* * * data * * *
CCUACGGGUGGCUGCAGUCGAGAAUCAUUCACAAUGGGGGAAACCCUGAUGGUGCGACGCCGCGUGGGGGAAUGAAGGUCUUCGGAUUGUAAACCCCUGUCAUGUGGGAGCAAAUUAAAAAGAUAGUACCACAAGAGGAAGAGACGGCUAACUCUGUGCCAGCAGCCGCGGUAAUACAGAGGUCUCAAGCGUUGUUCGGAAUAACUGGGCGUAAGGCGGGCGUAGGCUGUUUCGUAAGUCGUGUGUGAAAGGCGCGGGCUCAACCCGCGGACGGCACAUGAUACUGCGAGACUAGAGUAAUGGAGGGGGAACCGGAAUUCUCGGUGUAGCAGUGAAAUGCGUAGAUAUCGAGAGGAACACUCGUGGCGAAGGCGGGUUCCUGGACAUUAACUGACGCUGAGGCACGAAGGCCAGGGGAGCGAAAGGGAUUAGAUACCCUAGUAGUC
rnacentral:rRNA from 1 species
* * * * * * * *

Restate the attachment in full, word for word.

CCUACGGGUGGCUGCAGUCGAGAAUCAUUCACAAUGGGGGAAACCCUGAUGGUGCGACGCCGCGUGGGGGAAUGAAGGUCUUCGGAUUGUAAACCCCUGUCAUGUGGGAGCAAAUUAAAAAGAUAGUACCACAAGAGGAAGAGACGGCUAACUCUGUGCCAGCAGCCGCGGUAAUACAGAGGUCUCAAGCGUUGUUCGGAAUAACUGGGCGUAAGGCGGGCGUAGGCUGUUUCGUAAGUCGUGUGUGAAAGGCGCGGGCUCAACCCGCGGACGGCACAUGAUACUGCGAGACUAGAGUAAUGGAGGGGGAACCGGAAUUCUCGGUGUAGCAGUGAAAUGCGUAGAUAUCGAGAGGAACACUCGUGGCGAAGGCGGGUUCCUGGACAUUAACUGACGCUGAGGCACGAAGGCCAGGGGAGCGAAAGGGAUUAGAUACCCUAGUAGUC
rnacentral:rRNA from 1 species